keeper of Maya and Nahua Collective Memory, in Mesoamerican Memory:
Enduring ...

Author:

Publisher: BRILL

ISBN: 9789004388116

Category: History

Page: 508

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Mesoamerican Manuscripts: New Scientific Approaches and Interpretations presents and connects a wide range of high-tech scientific and cultural-interpretative studies of pre-colonial and early colonial Mesoamerican manuscripts.

Memory Traces

In Memory Traces, art historians and archaeologists come together to examine the nature of sacred space in Mesoamerica.

Author: Cynthia Kristan-Graham

Publisher: University Press of Colorado

ISBN: 9781607323778

Category: Social Science

Page: 264

View: 110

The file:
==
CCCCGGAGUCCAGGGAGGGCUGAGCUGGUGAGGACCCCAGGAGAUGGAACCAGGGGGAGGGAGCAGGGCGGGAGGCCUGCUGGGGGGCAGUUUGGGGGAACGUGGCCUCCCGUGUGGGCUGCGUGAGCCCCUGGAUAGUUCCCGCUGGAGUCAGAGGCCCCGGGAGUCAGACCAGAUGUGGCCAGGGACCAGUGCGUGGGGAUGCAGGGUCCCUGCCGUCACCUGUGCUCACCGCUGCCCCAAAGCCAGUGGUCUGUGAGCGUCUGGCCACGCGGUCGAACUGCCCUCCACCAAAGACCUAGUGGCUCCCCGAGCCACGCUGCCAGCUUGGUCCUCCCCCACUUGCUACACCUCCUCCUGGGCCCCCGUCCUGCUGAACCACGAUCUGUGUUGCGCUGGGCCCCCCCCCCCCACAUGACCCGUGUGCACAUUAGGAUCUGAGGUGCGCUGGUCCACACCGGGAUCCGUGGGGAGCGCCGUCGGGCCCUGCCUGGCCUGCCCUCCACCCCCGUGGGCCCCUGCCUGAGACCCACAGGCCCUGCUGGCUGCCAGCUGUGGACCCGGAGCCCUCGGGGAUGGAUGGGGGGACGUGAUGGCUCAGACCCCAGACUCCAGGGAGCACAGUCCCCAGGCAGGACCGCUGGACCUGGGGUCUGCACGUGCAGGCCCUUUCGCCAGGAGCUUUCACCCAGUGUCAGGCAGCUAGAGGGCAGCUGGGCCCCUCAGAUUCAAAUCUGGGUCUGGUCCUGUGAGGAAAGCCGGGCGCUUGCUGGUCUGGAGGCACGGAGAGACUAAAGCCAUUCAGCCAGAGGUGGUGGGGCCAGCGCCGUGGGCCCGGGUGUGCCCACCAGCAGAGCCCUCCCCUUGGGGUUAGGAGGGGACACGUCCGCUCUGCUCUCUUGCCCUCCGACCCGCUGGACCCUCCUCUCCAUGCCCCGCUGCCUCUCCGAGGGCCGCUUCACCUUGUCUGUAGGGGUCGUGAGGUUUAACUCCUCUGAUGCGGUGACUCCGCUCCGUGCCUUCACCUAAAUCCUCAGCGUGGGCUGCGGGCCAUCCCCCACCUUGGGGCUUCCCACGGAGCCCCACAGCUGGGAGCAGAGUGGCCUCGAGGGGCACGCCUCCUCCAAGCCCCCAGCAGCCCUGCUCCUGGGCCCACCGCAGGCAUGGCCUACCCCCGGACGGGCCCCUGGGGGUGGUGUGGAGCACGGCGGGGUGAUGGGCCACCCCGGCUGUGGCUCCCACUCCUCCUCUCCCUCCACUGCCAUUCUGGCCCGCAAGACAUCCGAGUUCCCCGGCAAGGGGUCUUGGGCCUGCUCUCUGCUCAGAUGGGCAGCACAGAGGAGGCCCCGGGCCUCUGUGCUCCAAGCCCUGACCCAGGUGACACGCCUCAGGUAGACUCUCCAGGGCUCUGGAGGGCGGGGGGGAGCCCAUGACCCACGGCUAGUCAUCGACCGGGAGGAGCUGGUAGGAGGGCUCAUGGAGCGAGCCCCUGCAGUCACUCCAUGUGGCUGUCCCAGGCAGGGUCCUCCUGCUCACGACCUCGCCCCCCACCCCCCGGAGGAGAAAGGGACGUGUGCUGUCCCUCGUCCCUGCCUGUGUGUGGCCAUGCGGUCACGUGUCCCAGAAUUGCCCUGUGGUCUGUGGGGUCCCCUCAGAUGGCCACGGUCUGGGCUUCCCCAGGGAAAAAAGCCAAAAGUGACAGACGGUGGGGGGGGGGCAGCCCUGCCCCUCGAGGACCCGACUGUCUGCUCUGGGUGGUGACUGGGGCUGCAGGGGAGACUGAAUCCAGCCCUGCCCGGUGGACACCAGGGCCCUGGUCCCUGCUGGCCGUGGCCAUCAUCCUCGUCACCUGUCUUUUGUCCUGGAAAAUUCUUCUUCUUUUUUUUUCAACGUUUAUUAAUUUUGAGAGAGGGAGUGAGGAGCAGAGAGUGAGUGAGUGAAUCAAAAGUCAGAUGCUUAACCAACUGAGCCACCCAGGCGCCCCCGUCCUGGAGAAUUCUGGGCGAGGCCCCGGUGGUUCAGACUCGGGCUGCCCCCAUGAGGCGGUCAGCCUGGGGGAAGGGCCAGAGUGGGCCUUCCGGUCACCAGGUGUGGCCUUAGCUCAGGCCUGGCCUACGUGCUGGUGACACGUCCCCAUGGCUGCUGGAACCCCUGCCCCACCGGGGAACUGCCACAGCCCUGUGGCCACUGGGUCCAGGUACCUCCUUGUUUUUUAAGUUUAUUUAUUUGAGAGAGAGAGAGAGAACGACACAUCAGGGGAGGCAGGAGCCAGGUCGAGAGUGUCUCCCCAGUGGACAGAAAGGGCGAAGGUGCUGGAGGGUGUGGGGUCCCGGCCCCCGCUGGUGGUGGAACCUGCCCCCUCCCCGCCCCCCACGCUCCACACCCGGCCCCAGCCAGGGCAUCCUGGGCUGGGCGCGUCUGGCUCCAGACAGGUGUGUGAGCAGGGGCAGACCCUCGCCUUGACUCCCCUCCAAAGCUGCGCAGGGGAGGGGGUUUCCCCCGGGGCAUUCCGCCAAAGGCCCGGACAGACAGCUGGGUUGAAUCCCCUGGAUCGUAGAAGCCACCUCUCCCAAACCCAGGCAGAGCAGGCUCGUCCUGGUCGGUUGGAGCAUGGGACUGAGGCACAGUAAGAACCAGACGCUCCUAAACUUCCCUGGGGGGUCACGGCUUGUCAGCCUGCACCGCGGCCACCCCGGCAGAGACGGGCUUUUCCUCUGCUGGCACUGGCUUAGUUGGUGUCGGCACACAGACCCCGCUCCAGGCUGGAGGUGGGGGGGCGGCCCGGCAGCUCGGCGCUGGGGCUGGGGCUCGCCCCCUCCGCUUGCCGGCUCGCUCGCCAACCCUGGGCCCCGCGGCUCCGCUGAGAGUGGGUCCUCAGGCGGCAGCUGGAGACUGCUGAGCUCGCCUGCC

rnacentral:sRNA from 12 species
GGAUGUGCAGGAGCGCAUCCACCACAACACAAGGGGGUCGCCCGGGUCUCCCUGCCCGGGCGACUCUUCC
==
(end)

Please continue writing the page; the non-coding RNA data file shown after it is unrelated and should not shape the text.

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In Memory Traces, art historians and archaeologists come together to examine the nature of sacred space in Mesoamerica. Through five well-known and important centers of political power and artistic invention in Mesoamerica—Tetitla at Teotihuacan, Tula Grande, the Mound of the Building Columns at El Tajín, the House of the Phalli at Chichén Itzá, and Tonina—contributors explore the process of recognizing and defining sacred space, how sacred spaces were viewed and used both physically and symbolically, and what theoretical approaches are most useful for art historians and archaeologists seeking to understand these places. Memory Traces acknowledges that the creation, use, abandonment, and reuse of sacred space have a strongly recursive relation to collective memory and meanings linked to the places in question and reconciles issues of continuity and discontinuity of memory in ancient Mesoamerican sacred spaces. It will be of interest to students and scholars of Mesoamerican studies and material culture, art historians, architectural historians, and cultural anthropologists. Contributors: Laura M. Amrhein, Nicholas P. Dunning, Rex Koontz, Cynthia Kristan-Graham, Matthew G. Looper, Travis Nygard, Keith M. Prufer, Matthew H. Robb, Patricia J. Sarro, Kaylee Spencer, Eric Weaver, Linnea Wren